Memorial Day Rewind: The Forgotten Hero of WWII

charles jackson french
CHARLES JACKSON FRENCH War Gum #129

Memorial Day Rewind: The Forgotten Hero of WWII

By Bruce Wigo.

The participation of Americans of African descent in the U.S. military has a long and distinguished history, dating to the Revolutionary War.  During World War II, more than one million African Americans served in the armed forces of the United States, but there was only one to appear on the hundreds of trading cards that depicted various war events, generals, and heroes, between 1941 and 1945.  That person was a swimmer by the name of Charles Jackson French. What’s most surprising about this card is that this was an era in American history when nearly every swimming pool and public beach denied African Americans their right to swim.

When national headlines first appeared proclaiming, “Negro swimmer Saves Raft Load of Wounded: Tows Craft Six Hours in Shark-Infested Waters,” the full name of this African American hero was unknown.  He was known to those he rescued only as a “Messmate named French.”

Charles Jackson French_Sun__Jan_10__1943_

Photo Courtesy: ISHOF Archive

Charles Jackson French Calendar

Photo Courtesy: Austin Public Library, George Washington Carver Branch.

Upon reading the headline and the story of the rescue when it broke, Dorothy Peterson, one of the leaders of the Harlem Renaissance of the 1930s & ’40s, urged that once known, the name of this “powerful negro swimmer” should be preserved “for posterity!” When Charles Jackson French was later identified, he became a national hero. In addition to the War Gum trading card, his story was told in syndicated comic strips, on calendars and he made public appearances across the country to promoting the sale of War Bonds.

Charles Jackson French and sis Viola2

Photo Courtesy: ISHOF archive. French with his sister Viola during a public appearance at a football game in Omaha, Nebraska, circa 1943.

While Dorrie Miller, a hero of Pearl Harbor, the Tuskegee Airmen and other African-American war heroes have been memorialized with stamps, in books and films, the memory of Charles Jackson French has been lost to history almost everywhere, except within the International Swimming Hall of Fame.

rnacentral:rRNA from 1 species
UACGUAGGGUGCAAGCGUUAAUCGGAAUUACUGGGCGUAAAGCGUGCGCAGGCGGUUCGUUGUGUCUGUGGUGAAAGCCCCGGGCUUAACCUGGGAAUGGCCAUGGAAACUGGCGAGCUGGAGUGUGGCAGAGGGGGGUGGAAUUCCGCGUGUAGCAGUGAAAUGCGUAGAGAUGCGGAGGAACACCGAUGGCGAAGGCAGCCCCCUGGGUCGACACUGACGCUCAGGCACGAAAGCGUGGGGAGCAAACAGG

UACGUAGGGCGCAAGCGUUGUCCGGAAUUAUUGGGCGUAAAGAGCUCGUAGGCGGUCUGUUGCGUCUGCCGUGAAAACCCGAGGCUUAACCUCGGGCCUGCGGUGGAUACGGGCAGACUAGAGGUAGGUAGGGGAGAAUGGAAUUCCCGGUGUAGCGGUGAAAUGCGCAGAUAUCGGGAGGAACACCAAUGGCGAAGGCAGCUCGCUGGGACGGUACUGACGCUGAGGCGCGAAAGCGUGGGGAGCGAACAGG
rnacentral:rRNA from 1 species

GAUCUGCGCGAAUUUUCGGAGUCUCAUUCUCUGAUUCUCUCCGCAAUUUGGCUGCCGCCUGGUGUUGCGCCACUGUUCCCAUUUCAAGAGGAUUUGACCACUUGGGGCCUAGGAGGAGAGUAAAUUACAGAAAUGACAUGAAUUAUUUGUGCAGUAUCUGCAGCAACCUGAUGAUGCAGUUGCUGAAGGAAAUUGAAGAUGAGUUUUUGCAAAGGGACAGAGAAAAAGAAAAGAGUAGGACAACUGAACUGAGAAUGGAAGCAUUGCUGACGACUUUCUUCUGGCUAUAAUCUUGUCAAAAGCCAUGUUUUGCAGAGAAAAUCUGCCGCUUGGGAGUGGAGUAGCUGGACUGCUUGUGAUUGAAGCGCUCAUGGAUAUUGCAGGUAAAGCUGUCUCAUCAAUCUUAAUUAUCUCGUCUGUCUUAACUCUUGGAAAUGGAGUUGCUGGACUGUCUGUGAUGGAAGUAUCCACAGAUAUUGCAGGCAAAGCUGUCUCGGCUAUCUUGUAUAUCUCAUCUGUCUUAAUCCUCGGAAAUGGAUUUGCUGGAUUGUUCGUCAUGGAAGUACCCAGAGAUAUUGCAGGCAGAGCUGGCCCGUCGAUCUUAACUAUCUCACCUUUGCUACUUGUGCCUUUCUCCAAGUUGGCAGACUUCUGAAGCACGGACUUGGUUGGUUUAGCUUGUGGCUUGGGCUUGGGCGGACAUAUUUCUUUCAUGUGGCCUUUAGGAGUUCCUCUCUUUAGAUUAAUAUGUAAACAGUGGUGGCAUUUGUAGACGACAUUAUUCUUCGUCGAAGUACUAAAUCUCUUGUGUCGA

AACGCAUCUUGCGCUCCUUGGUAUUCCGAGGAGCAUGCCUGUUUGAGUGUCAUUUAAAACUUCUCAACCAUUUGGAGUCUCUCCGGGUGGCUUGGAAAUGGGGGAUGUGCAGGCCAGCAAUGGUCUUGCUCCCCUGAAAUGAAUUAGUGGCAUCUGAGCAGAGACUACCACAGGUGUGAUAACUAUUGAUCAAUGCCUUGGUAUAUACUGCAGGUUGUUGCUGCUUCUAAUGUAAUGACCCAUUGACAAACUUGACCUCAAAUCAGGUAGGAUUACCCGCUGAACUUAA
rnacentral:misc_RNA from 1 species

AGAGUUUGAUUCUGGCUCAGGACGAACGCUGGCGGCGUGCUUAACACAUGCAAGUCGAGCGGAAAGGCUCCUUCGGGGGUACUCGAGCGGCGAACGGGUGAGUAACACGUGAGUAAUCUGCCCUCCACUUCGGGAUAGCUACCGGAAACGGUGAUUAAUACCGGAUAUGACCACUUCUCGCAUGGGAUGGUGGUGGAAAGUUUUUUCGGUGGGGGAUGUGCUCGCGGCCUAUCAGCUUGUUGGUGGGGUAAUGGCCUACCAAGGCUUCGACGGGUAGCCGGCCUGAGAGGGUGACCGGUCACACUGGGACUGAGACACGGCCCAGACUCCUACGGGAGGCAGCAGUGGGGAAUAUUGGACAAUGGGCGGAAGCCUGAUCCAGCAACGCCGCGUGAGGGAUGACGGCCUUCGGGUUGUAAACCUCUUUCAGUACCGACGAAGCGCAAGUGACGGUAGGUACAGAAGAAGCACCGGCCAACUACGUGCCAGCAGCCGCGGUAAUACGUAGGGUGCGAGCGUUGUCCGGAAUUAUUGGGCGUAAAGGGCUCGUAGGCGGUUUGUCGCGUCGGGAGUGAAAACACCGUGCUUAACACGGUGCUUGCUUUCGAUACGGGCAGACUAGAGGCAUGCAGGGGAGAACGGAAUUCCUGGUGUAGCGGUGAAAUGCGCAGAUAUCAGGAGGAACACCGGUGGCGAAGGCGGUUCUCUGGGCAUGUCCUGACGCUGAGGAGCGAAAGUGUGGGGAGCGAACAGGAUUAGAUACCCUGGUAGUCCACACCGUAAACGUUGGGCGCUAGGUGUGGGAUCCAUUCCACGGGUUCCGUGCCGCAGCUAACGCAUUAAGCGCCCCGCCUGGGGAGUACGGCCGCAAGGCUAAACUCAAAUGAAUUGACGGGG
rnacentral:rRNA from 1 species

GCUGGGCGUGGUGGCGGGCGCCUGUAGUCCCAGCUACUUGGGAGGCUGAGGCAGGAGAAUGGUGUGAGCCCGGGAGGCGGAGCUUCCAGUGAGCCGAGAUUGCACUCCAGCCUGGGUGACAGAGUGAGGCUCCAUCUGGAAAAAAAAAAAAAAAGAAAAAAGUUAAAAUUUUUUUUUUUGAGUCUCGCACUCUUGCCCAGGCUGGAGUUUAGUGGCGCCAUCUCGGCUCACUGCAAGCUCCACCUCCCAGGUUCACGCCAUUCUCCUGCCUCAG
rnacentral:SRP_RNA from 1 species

As we celebrate Black History Month, to Learn more about this great American war hero of swimming, click here.

 

 

15 comments

  1. Dirk Smith

    Wow! This is a cool story!

  2. avatar
    Belal

    Does any movies talk about him ?

  3. avatar
    Sheila Goldsmith

    Truly Amazing Heroic Man!! Any books, or movies?

  4. avatar
    Jon Cunningham

    What a shame he and JFK never met.

  5. avatar
    Joe E. Roy

    There should be a movie made about this heroic man who risked life to save others. “Greater love hath no man than this, that a man lay down his life for his friends.” John 15: 13

    • avatar
      Anonymous

      Amen

  6. avatar
    Rocky Scarbro

    I am a retired white cop.. I also consider myself an American Patriot.. only receiving a commodation an not the Navy Cross or ? the Medal of Honor seems like a miscarriage of justice.. I also blame black historians for not bringing this forward!! Let’s do the right thing and get this hero posthumously awarded a medal commensurate for his courage..
    Let’s correct History/////

    • avatar
      suzanne sanders

      I believe that Charles Jackson French did receive the Navy Cross, and it might have been posthumously. I think he deserves a Congressional Medal of Honor. I have only discovered his story here in 2021, and I am a retired teacher. I am aware ofNavalHero Doris “Dorrie” Miller because he is of my home state, Texas. Charles Jackson French, an ophan of Freeman, Arkansas, deserves notoriety….I would imagine his home town in Arkansas never even heard of him. Perhaps some descended members of his family in Omaha, Nebraska, might remember his miraculous story. He was hailed as a “human tugboat” by citizens of Omaha, NE, where a parade was held in his honor at the close of WWII. I know he had a sister, Viola, with whom he is photographed at half-time at a football game, received recognition of some sort, after the war. Naval hero Charles French did marry, as I see on ‘FindAGrave’ that his widow (d. 1968) is buried beside him in San Diego at the American Military Cemetery in that city. I think that they did not have children, though. I think Charles Jackson French’s story of rescue is one of the most amazing I have ever read, and I never heard of him prior to today, March 5, 2021. The world needs to know his story, dead at age 37 yrs.

      • avatar
        sheila

        Very well-stated. You’re right- the world needs to hear his story.

    • avatar
      Francisco Verduzco

      A “White cop”…why shouldn’t it surprise me that one would be quick to “blame Black historians.” The story was suppressed by the powers that be and was not made known to the general public…let alone the Black one. ??‍♂️

  7. avatar
    Terrell Courson

    I agree with Rocky Scarbro. I too am a retired LEO from Alaska and prior Navy veteran. The fact that this shipmate was not issued a Medal is insulting to all US Sailors. Terrell “Terry” Courson, Wrangell, Alaska

  8. avatar
    henry vincent VAN CLEAF

    the reason for no medal–wrong color. the navy did not even recognize african americans as actual sailors–only as stewards/messmen (not cooks) for several more years after this heroic act. it took 50+ years for the army to recognize people like reuben rivers and have the proper awards made.

  9. avatar
    Doc J

    Why did he die so young?